Shelters And Warming Centers Face Uphill Battle As Funding Stalls In Wisconsin Senate
The holiday season can be a difficult time for people experiencing homelessness. Harsh and frigid weather can mean fewer spaces at local shelters and warming centers, leaving many people vulnerable to the cold.
Winter came early this year in Wisconsin, leading to an influx of people seeking shelter earlier than expected. After state senators failed to pass bills that would provide necessary funding, advocates for Wisconsin’s homeless are concerned about the future of these shelters and warming centers.
"This is a two-year effort, actually, led primarily by Republicans to get this funding approved," says Joseph Volk, the executive director of the Wisconsin Coalition Against Homelessness.
Then Gov. Scott Walker created the Wisconsin Interagency Council on Homelessness, which issued a report in 2018 calling for different solutions to the state's homelessness problem. After the report was released, eight bills were crafted in the State Assembly to address these issues.
"Those bills were heard in the Assembly, passed back in June — well in time for this winter. Gov. [Tony] Evers has said that he would sign all of these bills and so all that we needed to happen was to get through the Senate ... we have not been able to get them even on the floor of the Senate."
"Those bills were heard in the Assembly, passed back in June — well in time for this winter. Gov. [Tony] Evers has said that he would sign all of these bills and so all that we needed to happen was to get through the Senate," Volk explains. "Those eight bills were sponsored by eight Republican senators in the Senate and nevertheless we have not been able to get them even on the floor of the Senate."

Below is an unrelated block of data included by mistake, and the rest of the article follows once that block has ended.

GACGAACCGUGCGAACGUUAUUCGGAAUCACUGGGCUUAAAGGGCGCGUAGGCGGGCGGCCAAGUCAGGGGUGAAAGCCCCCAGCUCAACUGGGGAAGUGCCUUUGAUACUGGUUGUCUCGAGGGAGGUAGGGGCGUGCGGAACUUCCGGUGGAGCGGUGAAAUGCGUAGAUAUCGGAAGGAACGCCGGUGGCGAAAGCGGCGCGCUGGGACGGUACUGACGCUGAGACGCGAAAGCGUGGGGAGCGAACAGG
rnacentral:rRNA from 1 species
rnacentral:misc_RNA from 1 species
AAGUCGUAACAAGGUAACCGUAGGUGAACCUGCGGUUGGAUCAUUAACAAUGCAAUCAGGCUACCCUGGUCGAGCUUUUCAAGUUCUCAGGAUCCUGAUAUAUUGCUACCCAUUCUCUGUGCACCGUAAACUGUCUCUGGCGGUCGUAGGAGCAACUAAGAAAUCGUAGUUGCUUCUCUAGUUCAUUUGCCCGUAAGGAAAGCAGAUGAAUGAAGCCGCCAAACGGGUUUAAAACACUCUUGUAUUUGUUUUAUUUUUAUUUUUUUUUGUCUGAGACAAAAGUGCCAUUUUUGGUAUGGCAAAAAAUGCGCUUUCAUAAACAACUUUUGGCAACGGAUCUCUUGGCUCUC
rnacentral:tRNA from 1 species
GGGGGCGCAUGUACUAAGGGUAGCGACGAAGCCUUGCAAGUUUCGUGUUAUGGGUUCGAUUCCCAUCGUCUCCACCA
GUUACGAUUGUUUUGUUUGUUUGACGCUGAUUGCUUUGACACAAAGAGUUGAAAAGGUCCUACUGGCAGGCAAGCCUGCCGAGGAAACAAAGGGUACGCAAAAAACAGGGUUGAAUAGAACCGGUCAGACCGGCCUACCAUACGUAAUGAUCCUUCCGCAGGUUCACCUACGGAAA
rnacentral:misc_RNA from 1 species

Volk says there are a few state senators who are opposed to the special spending: Sen. Chris Kapenga, R-Delafield; Sen. Stephen Nass, R-Whitewater; Sen. Craig David, R-Big Bend.
“Unfortunately, [Sen.] Scott Fitzgerald [R-Juneau], the majority leader in the Assembly, has refused to put those bills on the floor. And unfortunately, now, the Senate won't be meeting again until January."
The bills would provide an additional $4 million a year for different organizations that work with people experiencing homelessness throughout Wisconsin. Although the conversation is sometimes framed as an urban issue, Volk points out that homelessness is not unique to the state's urban centers.
"Homelessness in the state of Wisconsin is a statewide issue — it’s not just Milwaukee, Madison. If you look at the homeless children data, literally every school district in the state has reported that there are some homeless kids in their schools," he explains.